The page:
The immediate pressures of a situation tend to blind us to what is really important. This phenomenon is acutely present at all levels of corporate life where fear of losing one’s job, fear of not being able to control outcomes, or threats to one’s identity are constant and often over-riding concerns. The energy of such fears puts us on edge, so that any element in a current situation that resonates with unresolved associations easily triggers emotional reactions such as anger, neediness, or confusion.Three things happen then. First, the emotion projects its own worldview. When you are angry, you see everything in terms of opposition and the only options are fight or surrender. When you feel needy, no matter how much you may have, you feel it isn’t enough, so you have to have more. Second, internal agendas take over and cause you to ignore much of what is happening around you. The department head’s concern for smooth relationships with superiors caused him to ignore the work and feelings of his staff. The company head’s crisis mentality prevented his staff from developing robust systems. Third, you lose touch with your intelligence and abilities. One woman, a competent human resources administrator, consistently met feedback by digging in her heels and refusing to listen. Her reaction was, “I don’t let anyone mess with my career.” Yet, when asked how long she would need to find a similar job, she replied, “One phone call.” She viewed any feedback as a threat to her survival and lost touch with her own competence. In the work environment, you tend to be drawn to and placed in roles where your reactive tendencies serve the interests of the organization, regardless of their effect on you and those around you. Some people react to challenges by working through to do lists, others by connecting and relating to people, others by analyzing and planning, and others by trying to take control. At first you feel comfortable because what you are doing comes easily to you, but as time goes on, problems may arise. In an environment of reward and punishment and ever-present fears of loss of job, control, or identity, you rely more and more on that one way of working. You go around hammering everything into place, or connecting with everyone and everything, or analyzing everything, or trying to control everything. Your work life narrows, losing its challenge, richness, meaning, and mystery. Inevitably, compensating behaviors set in (substance abuse, workaholism, obsession with money or status, lack of attention to family and personal life) and develop into stress-related illnesses (physical and emotional depletion, digestive disorders, ulcers, compromised immune system, etc.). How do you step out of this self-reinforcing cycle, short of not working? The key is to make a balanced effort in your work life and not rely on just one way of to meet all situations. To see the forest, you have to step back from the trees and look with different eyes. Start to explore how you approach your work, how much time you spend in each of the four ways of working:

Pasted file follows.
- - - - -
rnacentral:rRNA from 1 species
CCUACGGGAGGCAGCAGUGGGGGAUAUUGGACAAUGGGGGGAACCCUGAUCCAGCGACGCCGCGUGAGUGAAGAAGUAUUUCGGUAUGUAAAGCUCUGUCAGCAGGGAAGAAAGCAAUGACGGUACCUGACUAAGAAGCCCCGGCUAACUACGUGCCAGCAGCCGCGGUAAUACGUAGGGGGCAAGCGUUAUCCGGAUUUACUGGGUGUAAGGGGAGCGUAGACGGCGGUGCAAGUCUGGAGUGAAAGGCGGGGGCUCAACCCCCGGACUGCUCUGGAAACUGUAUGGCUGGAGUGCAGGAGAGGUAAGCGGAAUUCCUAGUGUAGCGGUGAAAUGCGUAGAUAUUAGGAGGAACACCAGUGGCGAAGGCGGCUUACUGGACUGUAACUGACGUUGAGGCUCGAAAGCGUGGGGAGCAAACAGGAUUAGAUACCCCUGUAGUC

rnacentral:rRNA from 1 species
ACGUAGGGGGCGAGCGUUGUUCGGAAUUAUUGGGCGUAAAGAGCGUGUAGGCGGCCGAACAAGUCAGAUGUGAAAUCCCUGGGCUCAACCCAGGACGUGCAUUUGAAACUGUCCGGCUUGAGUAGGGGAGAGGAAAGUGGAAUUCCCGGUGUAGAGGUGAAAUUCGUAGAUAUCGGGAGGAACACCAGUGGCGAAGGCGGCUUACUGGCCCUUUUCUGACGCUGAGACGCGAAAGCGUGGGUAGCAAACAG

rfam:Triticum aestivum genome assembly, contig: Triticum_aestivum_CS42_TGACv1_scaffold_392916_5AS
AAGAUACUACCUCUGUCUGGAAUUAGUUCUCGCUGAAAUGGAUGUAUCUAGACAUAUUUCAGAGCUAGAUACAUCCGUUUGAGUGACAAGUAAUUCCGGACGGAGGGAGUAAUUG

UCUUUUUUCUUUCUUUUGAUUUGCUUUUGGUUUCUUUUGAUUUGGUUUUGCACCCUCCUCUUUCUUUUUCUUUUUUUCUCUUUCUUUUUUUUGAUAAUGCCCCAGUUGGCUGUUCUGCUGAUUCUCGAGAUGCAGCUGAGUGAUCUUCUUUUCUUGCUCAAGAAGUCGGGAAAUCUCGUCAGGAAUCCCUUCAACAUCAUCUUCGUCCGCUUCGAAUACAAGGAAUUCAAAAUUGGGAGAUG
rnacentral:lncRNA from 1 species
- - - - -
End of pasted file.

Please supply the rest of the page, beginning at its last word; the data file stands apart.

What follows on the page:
- doing or making sure things just get done, working through task lists, setting frameworks, defining what is expected, managing projects
- relating to people, building relationships, listening to problems, catching up on what others are doing and letting them know what you are doing
- exploring, analyzing, looking at how things work, looking for deeper relationships between systems, looking at who or what is dependent on your work and who and what your work is dependent on
- leading, creating the conditions for others to be able to work effectively, providing direction, order, and protection, motivating and inspiring people to negotiate changes in their work.
As your priorities change, you will spend time in areas you neglected and shift responsibility for things you used to do to others. People around you will react in different ways: those for whom your old ways were convenient will resist the changes, while others will welcome them. You will, inevitably, see more clearly how your work environment systemically reinforces reactivity in you and in others. You will have to meet the challenge of not being run by either internal or external systems. And, in meeting this challenge, you may well see a bigger forest, coming to new understandings about what is truly meaningful to you in your work and in your life.